Ericka Samantha Teleg, MD

Towfighi A, Benson RT, Tagge R, Moy CS, Wright CB, Ovbiagele B. Inaugural Health Equity and Actionable Disparities in Stroke: Understanding and Problem-Solving Symposium. Stroke. 2020;51:3382–3391.*

Health disparities in gender, class, race, and ethnicity exist. In the scientific community, this is a sad truth as well. Many of us researchers, physicians, and scientists are underrepresented. The Health Equity and Actionable Disparities in Stroke: Understanding and Problem-solving (HEADS-UP) symposium is meant to shatter these disparities, breaking through such barriers of social injustice, color, and caste systems. Researchers are key to resolve this challenge and advocate for the underrepresented minorities (URM) in the health system. This community will enable us to identify the differences in the biological, social, and environment that affect the continuum of care access and ensure quality care is given to underrepresented individuals.

The term URM stands for underrepresented minorities, and, as a consequence, clinicians and scientists will unite — hence, URM faculty will engage in research endeavors to reduce such differences among the underserved and/or low-income communities and make certain of the representation of the group in large clinical trials. There is strength in numbers, and clearly HEADS-UP is a voice for URM scientists.

The structure of the symposium is annual in nature and consists of dedicated forums to create, discuss, teach, and mentor the science. It is up to such group to be the light at the end of the tunnel to “illuminate research gaps,” inspire young trainees, and provide networking opportunities. HEADS-UP is a collaborative initiative with the American Stroke Association, which is a national organization dedicated to advancing the science of stroke prevention, treatment, and recovery through research and education, and the National Institute of Neurological Disorders and Strokes (NINDS). The first symposium was held this year as an International Stroke Conference pre-conference symposium. It was led by the Symposium Planning Committee that includes Bruce Ovbiagele (chair), Amytis Towfighi (vice chair), and Richard Benson (program director, Office of Global Health and Health Disparities at NINDS). Attendees included 124 registrants; 74 (60%) were female, 43 (35%) were male, and 7 (6% undeclared; ethnicity 11 Asian (9%), 21 Black (17%), 44 White (36%), 10 Hispanic (8%), 25 other (20%), and 4 (3%) unreported.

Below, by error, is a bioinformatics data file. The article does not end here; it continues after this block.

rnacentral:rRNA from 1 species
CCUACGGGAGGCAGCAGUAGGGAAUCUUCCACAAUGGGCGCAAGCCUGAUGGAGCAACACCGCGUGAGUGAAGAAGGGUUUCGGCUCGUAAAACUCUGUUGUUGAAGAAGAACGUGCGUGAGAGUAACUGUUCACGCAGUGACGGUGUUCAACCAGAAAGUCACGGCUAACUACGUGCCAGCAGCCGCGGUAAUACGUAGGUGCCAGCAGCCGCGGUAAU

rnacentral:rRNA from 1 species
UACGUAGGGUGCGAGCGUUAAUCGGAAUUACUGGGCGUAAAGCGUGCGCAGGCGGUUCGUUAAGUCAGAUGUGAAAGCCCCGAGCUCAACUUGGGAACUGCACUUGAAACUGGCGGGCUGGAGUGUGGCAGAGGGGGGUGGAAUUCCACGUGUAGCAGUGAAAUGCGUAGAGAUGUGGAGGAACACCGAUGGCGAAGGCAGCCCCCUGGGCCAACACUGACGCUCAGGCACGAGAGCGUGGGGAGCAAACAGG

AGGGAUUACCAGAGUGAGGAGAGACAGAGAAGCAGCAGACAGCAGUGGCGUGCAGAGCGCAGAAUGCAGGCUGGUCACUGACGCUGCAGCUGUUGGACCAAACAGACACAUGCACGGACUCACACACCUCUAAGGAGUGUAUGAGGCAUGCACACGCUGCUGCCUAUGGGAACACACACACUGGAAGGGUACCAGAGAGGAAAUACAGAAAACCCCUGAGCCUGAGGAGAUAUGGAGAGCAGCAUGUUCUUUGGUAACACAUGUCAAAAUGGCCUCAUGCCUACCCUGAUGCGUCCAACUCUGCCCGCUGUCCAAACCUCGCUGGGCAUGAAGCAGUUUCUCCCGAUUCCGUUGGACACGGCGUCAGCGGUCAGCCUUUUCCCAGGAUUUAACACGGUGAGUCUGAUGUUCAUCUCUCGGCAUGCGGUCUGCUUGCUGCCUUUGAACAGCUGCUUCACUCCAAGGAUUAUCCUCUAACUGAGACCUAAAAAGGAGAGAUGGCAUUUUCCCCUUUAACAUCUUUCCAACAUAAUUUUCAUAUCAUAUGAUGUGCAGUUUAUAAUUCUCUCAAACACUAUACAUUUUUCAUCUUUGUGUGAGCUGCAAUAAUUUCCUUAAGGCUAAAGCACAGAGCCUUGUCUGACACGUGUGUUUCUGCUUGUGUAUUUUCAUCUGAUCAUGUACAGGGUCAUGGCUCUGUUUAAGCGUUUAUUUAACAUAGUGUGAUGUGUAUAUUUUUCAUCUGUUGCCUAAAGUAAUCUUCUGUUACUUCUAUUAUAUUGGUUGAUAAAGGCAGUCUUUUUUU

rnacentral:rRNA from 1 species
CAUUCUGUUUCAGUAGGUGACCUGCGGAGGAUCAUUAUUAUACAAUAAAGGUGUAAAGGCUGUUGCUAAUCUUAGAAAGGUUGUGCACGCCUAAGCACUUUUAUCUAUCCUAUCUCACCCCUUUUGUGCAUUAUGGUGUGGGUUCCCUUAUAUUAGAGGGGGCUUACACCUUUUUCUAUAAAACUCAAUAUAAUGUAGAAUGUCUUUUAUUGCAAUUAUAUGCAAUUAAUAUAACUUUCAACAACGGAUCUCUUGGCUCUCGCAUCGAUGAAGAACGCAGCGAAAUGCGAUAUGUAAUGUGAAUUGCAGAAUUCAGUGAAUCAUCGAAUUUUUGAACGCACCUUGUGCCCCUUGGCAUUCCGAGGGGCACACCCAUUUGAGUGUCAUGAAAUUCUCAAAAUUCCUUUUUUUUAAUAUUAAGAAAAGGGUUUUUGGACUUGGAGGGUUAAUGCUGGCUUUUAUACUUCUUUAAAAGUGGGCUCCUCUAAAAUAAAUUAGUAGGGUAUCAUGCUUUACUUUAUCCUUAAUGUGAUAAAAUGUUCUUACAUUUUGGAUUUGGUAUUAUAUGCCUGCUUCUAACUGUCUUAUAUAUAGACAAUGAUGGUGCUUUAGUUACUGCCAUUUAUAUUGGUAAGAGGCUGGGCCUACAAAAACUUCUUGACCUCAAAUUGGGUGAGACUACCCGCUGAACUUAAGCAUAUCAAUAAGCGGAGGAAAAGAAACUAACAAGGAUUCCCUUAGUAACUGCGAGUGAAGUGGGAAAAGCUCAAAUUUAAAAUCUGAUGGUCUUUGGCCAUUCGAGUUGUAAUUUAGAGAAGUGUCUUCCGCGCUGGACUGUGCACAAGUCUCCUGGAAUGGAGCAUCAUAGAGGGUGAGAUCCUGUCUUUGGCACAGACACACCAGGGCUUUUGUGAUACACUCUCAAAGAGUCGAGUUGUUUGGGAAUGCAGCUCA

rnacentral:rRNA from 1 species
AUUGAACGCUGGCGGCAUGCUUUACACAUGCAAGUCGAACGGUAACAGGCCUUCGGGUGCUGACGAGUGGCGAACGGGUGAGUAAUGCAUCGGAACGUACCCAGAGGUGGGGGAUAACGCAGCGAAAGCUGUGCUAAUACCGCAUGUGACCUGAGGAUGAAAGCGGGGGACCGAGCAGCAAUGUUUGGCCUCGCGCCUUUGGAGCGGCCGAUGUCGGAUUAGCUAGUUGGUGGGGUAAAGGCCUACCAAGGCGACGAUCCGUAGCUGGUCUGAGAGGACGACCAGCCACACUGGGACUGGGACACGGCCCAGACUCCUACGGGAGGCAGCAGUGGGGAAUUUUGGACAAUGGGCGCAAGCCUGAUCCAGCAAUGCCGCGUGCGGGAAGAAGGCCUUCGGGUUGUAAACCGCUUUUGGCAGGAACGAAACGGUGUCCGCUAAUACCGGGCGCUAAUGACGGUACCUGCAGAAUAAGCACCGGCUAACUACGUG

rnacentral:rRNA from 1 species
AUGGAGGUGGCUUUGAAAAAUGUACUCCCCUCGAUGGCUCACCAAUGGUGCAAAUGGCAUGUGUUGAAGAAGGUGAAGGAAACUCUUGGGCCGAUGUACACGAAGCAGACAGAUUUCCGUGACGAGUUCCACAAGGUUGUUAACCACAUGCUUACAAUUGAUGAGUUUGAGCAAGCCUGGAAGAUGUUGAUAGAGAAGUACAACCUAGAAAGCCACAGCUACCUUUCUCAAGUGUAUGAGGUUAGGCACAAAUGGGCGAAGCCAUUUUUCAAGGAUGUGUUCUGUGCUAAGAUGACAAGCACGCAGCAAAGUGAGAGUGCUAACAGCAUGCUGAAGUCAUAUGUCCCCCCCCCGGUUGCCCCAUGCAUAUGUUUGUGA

The sessions included a lecture by Dr. Ralph Sacco. A leader in stroke epidemiology, treatment, prevention, and inequities research, he was presented with the Dr. Edward J. Kenton III Award. He elucidated on the Northern Manhattan Study (NOMAS), the Florida-Puerto Rico Collaboration to reduce stroke disparities, and the University of Miami Clinical Translational Science Institute. There were moderated poster presentations and a Think Tank Session, which was a 90-minute session for which four pre-selected early career investigators presented ideas for a potential grant application or completed project to a research inequity panel and an NINDS official. There was also a Building Momentumsession, which was moderated by stroke inequities researchers to discuss interactive topics; one of special interest was “Managing Your Bosses.”

Travel grant awards and scholarships are given to help young researchers to attend and network in such a diverse symposium and use such knowledge gained to unite against social injustice. This symposium is a much-needed trailblazer at these particular times.

*This article is part of a Focused Updates series of articles on topics related to health equity published in the November 2020 issue of Stroke.